What is especially remarkable is how the players take to this music so enthusiastically. Their control of RVW’s jazzily syncopated writing has just the right degree of freedom and the pianissimo finale is superbly sustained, with no suspicion of an unmarked crescendo over its 10-minute span. The relaxation at the end of the first movement, when the composer allows himself a warm tune in place of the original jaunty second subject, is beautifully caught, and the violence of the slow movement gives way naturally to the humour of the third movement with its distinctive use of saxophone.

Elgar’s Enigma Variations are just as beautifully sustained, this time in the slightly more open acoustic of the Herkulessaal in Munich, a most sympathetic venue. Sir Colin’s interpretation is marked by steady speeds and high contrasts. So the first variation, representing the composer’s wife, at its steady tempo opens up into a gloriously warm climax, and “Troyte” is marked by big dramatic brass and timpani, while the great emotional thrust of “Nimrod”, still at a steady tempo, is glorious, with the Bavarian strings at their most beautiful. The finale then emerges in mounting excitement, and here more than anywhere one values the fact that this was a live recording. The Elgar was recorded in 1983 but, like the Vaughan Williams, it benefits from wonderfully clear, well-balanced sound. An outstanding and very welcome disc.




David Hurwitz
ClassicsToday.com, January 2011

Colin Davis delivers an excellent performance of Vaughan Williams’ Sixth Symphony, aptly ferocious in the first movement, threatening in the second, with a raucous scherzo and a hypnotic finale. It’s a symphony he’s always conducted well, and the Bavarian Radio players dig into the music with plenty of passion and gripping sense of discovery. Unfortunately, the symphony comes shackled to a wholly unnecessary version of the Enigma Variations.

It’s not a bad performance by any means; indeed, after the somewhat mannered opening theme it’s mostly quite good. Davis is particularly exciting in the quicker bits: W.M.B., Troyte, G.R.S., and the finale. He also captures the scary interlude in Romanza very dramatically. Nimrod, though, is a bit of a letdown, its tension oddly distributed and the string ensemble slack. Had this one variation been better, I could recommend this disc with almost no reservations. But an Enigma without a great Nimrod just doesn’t cut it. As it is, if you’re in the market for a fine RVW Sixth, you’d do well to sample this one.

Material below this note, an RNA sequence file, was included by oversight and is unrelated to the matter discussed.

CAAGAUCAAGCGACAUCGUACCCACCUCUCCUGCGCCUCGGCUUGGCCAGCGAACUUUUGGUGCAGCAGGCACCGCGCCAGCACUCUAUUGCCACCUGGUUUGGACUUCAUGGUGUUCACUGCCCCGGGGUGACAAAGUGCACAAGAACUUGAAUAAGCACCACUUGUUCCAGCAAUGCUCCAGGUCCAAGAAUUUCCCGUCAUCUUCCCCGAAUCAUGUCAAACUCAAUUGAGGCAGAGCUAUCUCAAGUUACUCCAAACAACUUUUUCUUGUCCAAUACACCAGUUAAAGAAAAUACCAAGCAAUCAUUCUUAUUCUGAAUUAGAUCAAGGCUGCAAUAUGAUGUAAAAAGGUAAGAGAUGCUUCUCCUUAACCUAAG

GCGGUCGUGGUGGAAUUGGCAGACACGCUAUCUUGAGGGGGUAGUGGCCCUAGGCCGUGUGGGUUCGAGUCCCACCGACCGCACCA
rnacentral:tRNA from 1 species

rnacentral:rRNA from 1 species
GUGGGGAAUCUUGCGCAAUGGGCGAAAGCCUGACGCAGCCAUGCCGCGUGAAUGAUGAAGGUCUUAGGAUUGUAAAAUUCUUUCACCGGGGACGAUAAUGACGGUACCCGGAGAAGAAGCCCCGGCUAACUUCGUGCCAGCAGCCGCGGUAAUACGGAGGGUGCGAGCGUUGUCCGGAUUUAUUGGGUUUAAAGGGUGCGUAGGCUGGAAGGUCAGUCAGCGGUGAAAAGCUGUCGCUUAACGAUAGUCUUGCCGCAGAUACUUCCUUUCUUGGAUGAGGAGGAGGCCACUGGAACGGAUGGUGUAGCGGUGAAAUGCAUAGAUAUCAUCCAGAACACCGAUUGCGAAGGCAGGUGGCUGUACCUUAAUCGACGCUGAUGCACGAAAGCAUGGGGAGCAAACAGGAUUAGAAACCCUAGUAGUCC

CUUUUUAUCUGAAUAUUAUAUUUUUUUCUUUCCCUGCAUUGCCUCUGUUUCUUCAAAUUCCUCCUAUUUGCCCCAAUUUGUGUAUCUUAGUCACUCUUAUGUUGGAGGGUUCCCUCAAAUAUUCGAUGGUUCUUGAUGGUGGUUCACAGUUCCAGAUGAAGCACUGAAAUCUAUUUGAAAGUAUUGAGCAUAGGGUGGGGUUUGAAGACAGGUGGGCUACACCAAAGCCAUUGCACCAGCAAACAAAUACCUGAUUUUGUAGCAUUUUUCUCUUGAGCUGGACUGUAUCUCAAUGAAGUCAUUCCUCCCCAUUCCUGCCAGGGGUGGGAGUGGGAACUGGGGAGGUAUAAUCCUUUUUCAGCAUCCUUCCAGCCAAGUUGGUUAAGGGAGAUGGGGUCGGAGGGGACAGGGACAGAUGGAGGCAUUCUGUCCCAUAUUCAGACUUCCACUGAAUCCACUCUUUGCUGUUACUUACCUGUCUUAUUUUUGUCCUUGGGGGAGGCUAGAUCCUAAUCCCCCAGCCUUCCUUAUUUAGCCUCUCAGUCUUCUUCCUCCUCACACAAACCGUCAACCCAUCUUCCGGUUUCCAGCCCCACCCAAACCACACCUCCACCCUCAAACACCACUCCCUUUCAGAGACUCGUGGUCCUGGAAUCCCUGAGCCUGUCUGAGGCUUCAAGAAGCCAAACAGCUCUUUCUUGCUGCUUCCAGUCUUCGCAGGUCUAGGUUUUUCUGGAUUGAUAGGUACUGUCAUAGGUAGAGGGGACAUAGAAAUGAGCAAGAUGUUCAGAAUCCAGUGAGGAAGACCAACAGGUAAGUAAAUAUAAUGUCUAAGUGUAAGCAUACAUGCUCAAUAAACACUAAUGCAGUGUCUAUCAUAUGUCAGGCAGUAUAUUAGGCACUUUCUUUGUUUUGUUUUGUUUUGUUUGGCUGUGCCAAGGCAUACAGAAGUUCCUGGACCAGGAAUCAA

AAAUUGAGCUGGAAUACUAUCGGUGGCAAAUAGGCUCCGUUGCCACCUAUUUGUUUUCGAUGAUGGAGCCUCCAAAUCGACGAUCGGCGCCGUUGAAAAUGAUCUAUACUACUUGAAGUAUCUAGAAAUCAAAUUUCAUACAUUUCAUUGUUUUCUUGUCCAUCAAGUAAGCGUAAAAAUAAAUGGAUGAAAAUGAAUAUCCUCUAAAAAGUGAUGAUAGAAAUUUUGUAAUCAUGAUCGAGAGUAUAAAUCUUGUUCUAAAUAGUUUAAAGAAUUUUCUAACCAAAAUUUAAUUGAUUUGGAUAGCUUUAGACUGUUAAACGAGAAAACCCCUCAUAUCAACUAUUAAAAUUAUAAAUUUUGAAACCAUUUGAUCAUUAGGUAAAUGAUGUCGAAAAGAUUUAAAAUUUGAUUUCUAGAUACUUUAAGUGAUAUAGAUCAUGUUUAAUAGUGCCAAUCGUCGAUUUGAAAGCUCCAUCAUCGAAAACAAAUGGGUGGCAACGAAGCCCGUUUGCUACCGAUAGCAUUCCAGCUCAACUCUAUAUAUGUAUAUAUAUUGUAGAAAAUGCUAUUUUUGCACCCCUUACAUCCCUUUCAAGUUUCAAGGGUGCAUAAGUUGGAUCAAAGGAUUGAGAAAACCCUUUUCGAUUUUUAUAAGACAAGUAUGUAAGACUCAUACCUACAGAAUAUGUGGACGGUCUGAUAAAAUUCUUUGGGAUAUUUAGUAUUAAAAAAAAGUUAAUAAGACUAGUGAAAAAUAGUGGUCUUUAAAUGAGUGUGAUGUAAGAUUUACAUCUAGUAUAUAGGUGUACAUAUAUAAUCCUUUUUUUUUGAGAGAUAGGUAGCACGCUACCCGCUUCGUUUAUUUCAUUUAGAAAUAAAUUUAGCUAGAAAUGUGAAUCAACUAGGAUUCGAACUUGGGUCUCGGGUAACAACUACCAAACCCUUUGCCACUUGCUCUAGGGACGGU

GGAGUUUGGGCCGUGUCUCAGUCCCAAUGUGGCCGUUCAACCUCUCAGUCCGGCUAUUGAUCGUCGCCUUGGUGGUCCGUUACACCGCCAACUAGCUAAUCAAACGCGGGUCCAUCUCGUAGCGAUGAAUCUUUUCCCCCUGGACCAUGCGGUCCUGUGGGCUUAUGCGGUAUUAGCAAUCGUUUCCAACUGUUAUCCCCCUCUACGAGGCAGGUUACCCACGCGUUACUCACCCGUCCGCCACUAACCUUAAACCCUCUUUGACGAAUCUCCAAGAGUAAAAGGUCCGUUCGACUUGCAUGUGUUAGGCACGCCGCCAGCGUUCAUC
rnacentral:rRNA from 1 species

Mike D. Brownell
Allmusic.com, December 2010

Colin Davis, a self-proclaimed unpretentious conductor, took the helm of Symphonieorchester des Bayerischen Rundunks in 1983, succeeding Rafael Kubelik and the tragically deceased Kirill Kondrashin. This BR Klassik album features a recording of Elgar’s Enigma Variations made in the same year Davis took over the orchestra, demonstrating from the get-go the conductor’s broadening of the orchestra’s repertoire to include English composers and others. Even though Davis had only just begun working with the orchestra, his insistence on precision and the eventual transformation that it brought to the orchestra can already be heard. Davis draws out a remarkable warmth from the strings and a simple clarity from the winds. He allows the music to speak for itself rather than imposing unnecessary emotional emphasis. The result is a thoroughly moving, passionate reading of Enigma. Jump ahead four years to 1987 and Davis’ work with the orchestra is truly apparent in their recording of the Vaughan Williams Symphony No. 6. The sometimes aggressive symphony is executed with the utmost precision, brilliant dynamic contrasts, and unfettered control of tempo. As either an introduction to these two great English works or to Davis’ early work with Rundfunks, this album is an exceptional choice.